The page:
Targeted Immunotherapy Cures Autoimmune Enteritis Caused by Genetic Mutation
Researchers at the University of Basel and University Hospital Basel in Switzerland recently developed a cure for a patient with a rare genetic mutation that causes autoimmune enteritis.
The researchers found that a mutation in the CTLA-4 protein caused this patient to suffer from the autoimmune disease. Fortunately, as quickly as the researchers discovered the cause of the disease, they also found a cure.
Using targeted immunotherapy, the researchers administered a new type of monoclonal antibody group that prevented the patient’s T-cells from penetrating the mucous inside the intestine.
The drug blocked the adhesion molecule that allows T-cells to bind to immune cells and penetrate intestinal tissue blood vessels.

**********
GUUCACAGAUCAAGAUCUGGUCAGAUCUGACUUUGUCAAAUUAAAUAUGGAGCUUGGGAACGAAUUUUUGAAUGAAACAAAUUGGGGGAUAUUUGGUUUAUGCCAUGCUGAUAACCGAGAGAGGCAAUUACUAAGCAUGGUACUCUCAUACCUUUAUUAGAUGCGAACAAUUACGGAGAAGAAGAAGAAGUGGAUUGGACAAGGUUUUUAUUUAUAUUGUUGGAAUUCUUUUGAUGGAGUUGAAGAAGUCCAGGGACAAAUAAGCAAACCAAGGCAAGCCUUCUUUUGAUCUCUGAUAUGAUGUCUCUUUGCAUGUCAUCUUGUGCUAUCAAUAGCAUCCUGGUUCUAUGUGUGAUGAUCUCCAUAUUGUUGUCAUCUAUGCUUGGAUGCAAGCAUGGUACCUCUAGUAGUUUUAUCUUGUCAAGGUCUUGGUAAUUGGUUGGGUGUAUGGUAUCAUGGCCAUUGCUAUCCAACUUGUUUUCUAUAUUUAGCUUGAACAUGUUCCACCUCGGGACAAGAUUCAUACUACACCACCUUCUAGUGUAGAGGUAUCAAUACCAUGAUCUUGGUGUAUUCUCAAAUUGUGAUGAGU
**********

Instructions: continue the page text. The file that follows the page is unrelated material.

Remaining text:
While the CTLA-4 mutation, which reduces the gene’s function, caused autoimmune enteritis in this instance, further research shows inhibition of this gene could help treat skin cancer.
Ipilimumab, a melanoma treatment drug, works similarly to the CTLA-4 mutation by inhibiting the gene. However, because this inhibition causes autoimmune intestinal inflammation, researchers are now looking to the discovery of this new mutation to help correlate ways to prevent that side effect of the treatment.
The researchers published their findings in the Journal of Allergy and Clinical Immunology.
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